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Issue No. 17 - Enigma

Exhibition Review: Provenance at Ground Floor Gallery

Exhibition Review: Provenance at Ground Floor Gallery

Ai Campbell, Sara Jones, Anne Mourier-Falco Provenance June 09 - July 09, 2017

Ground Floor Gallery, 343 5th Street, Brooklyn, New York 11215

© Logan Floyd

© Logan Floyd

Written by Adriana Kidon

Provenance, currently on exhibition at Ground Floor Gallery, features three female Brooklyn based artists with a common thread underlying their work: unearthing severed or unfamiliar familial connections and histories in their lives.

With strong black and white references, Ai Campbell remains true to the monochromatic roots she adopted after discovering the black and white landscape drawings her grandfather created while serving in the war. Because he died before she was born, these drawings are the only interactions she shares with him. The organic study of dark and light contours and shapes displayed in her art brings forward the central theme of her work: interacting with the most simple forms of life in order to analyze the most complex.

Ai Campbell, Sara Jones, Anne Mourier-Falco © Logan Floyd

Ai Campbell, Sara Jones, Anne Mourier-Falco © Logan Floyd

Sara Jones’ on-going project aims to recreate the journey two of her ancestors took through Europe in 1844. She utilizes passed-down journals and artifacts from this journey as inspiration while exploring the many different ways of remembering – letters, journals, photographs, souvenirs, relics, homes – and how these pieces affect our memories. Further, she questions the various forms of economic privilege. What factors were involved in allowing for her ancestors’ journey in 1844? How can she link her that journey with her own privilege as a white American traveling through Europe today? Jones’ project generates a dialogue between the historical past and her own engagement with it in the present with meaning emerging from the political and social changes that have taken place during the vast margin of time between the two.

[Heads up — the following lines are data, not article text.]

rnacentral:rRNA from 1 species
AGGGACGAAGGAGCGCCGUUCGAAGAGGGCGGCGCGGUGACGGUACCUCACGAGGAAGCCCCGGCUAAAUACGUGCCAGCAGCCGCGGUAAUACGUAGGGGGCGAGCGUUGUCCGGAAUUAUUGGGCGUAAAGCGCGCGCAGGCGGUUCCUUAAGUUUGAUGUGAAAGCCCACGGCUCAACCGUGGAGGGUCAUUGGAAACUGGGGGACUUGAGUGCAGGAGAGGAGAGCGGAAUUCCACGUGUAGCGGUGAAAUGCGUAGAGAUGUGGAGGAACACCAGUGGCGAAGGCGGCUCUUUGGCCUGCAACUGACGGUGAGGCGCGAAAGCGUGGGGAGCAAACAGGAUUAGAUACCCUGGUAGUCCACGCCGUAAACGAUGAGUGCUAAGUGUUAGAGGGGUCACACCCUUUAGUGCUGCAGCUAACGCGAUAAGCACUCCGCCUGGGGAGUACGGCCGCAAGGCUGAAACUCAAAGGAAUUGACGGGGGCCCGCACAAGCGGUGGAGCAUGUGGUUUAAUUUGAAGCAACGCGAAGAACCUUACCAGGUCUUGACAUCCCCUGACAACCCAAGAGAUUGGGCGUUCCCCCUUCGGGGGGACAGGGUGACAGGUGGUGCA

Finally, Anne Mourier’s diptychs on view in the gallery are portraits based on her mother. Using biblical symbolism, The Marys diptych alludes to the opposing archetypes of the Virgin Mary and Mary Magdalene – one maternal and serene and the other adventurous and bold. Upon speaking with Mourier at the opening, guests of the gallery learned about her mother’s continued attempt at suppressing her naturally free spirited nature in order to conform to the typical female role of the time. In her series, the use of pairs serves to construct a mirror that explores the dual conceptions of feminitity, the individual, and the human condition as whole.

By exploring their unique individual identities and backgrounds through the means of intimate speculation, Ai Campbell, Sara Jones, and Anne Mourier create profound mixed-media pieces that interact beautifully as a collective installation. Each artist’s work brings blurred ancestral ties to light and affixes them with a clear sense of meaning they were previously missing.  

© Logan Floyd

© Logan Floyd

 

 

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